© 2019 by HED Ltd. 

Protected Species:

FRESHWATER PEARL MUSSEL

Legal Protection

The freshwater pearl mussel is one of UK’s most threatened species, Scotland holds almost half the global population for the species. It is a fully protected invertebrate species under Schedule 5 of The Wildlife and Countryside Act 1981 (as amended).

Freshwater pearl mussel is a wildlife crime priority, as illegal pearl fishing is decimating populations.It is an offence to intentionally or recklessly:

  • kill, injure or take a wild animal

  • damage, destroy or obstruct access to any structure or place which such an animal uses for shelter or protection

  • disturb such an animal when it is occupying a structure or place for shelter or protection

It is also an offence to:

  • possess or control a living or dead Schedule 5 invertebrate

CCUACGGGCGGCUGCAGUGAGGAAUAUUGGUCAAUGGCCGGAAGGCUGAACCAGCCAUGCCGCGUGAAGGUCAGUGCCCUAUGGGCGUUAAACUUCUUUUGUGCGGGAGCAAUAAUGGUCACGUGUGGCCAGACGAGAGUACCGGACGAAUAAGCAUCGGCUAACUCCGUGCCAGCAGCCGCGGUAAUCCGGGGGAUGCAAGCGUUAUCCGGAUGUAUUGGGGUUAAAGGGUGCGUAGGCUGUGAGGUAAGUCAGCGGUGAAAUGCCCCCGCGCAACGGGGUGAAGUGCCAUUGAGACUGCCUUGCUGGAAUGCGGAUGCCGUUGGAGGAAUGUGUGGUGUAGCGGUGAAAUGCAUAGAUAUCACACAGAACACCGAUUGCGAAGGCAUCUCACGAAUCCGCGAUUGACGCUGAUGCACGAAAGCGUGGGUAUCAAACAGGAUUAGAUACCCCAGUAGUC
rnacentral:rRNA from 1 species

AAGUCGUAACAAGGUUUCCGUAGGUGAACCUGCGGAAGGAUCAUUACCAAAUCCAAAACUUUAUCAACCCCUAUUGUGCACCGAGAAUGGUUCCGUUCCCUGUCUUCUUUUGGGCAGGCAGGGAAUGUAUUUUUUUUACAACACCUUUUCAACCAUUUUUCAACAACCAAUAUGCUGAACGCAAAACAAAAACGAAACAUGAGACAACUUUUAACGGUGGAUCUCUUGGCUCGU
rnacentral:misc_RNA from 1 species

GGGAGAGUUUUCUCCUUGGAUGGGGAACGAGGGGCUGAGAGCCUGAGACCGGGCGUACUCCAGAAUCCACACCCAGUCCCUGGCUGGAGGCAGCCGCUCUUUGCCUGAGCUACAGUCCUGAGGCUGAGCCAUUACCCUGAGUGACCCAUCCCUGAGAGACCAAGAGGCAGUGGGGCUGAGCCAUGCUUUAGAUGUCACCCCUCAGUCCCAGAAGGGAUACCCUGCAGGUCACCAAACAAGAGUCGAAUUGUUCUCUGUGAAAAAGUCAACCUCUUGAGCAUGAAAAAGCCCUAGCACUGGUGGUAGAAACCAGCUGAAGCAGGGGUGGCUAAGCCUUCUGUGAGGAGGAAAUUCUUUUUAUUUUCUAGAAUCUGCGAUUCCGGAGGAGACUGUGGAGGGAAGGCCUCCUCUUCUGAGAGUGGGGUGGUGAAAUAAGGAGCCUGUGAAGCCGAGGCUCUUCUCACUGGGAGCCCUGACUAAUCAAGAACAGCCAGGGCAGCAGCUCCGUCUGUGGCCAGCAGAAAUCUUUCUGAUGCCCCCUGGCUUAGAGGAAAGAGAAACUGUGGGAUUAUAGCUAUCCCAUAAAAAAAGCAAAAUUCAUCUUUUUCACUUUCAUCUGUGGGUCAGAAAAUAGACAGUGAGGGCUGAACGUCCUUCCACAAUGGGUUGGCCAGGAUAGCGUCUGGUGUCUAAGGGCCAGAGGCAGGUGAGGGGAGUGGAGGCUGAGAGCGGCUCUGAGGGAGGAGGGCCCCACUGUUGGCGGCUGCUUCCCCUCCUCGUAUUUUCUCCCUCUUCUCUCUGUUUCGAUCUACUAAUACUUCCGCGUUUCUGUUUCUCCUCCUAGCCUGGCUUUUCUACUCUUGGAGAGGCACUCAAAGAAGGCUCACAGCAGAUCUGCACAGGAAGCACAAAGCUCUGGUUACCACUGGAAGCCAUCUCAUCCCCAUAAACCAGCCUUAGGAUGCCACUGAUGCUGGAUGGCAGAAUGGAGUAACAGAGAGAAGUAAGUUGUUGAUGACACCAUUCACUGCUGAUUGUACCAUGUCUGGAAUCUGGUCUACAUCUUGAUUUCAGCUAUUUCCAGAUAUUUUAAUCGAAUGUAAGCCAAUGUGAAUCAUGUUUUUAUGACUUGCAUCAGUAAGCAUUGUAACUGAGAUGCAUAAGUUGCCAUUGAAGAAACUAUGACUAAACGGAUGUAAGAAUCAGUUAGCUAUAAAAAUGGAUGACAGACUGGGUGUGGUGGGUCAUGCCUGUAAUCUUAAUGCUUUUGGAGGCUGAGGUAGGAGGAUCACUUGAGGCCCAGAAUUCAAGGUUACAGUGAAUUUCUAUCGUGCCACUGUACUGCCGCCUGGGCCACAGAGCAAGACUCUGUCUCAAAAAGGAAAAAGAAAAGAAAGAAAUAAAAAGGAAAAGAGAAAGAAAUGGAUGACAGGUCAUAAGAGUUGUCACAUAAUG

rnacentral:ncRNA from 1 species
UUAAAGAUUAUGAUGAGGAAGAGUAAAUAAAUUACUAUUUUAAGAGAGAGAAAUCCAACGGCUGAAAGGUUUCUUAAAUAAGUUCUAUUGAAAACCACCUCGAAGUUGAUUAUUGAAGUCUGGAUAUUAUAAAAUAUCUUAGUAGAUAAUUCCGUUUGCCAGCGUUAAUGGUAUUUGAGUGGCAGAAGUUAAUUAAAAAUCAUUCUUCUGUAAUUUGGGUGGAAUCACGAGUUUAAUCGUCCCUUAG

• sell, offer for sale, or possess or transport for the purpose of sale any living or dead Schedule 5 invertebrate (or any such derivatives)

 

It is illegal to:

  • possess freshwater pearl mussels or pearls collected since 1998 – when the law was changed to give the species further protection

  • sell, or advertise for sale, Scottish freshwater pearl mussels or their pearls unless done so under licence from Scottish Natural Heritage

 

Knowingly causing or permitting any of the above acts to be carried out is also an offence.

Survey Timings

Surveys for freshwater pearl mussels can be carried out at any time of year, however the optimal timings is between March and September.

Licensable Issues

You should apply to SNH for a licence if you wish to survey for freshwater pearl mussels by:

  • carefully walking stretches of river with a clear-bottomed bucket to look for animals on the river bed

  • gently lifting individuals from the river bed and measuring them to work out their rough age, to get a better idea of a population’s size and health

  • Licences are only issued to experienced and suitably trained individuals.

License activities for social, economic or environmental reasons (including development) that might affect freshwater pearl mussels may also be issued, as long as:

  • the licensed activity will contribute to significant social, economic or environmental benefit

  • there is no satisfactory alternative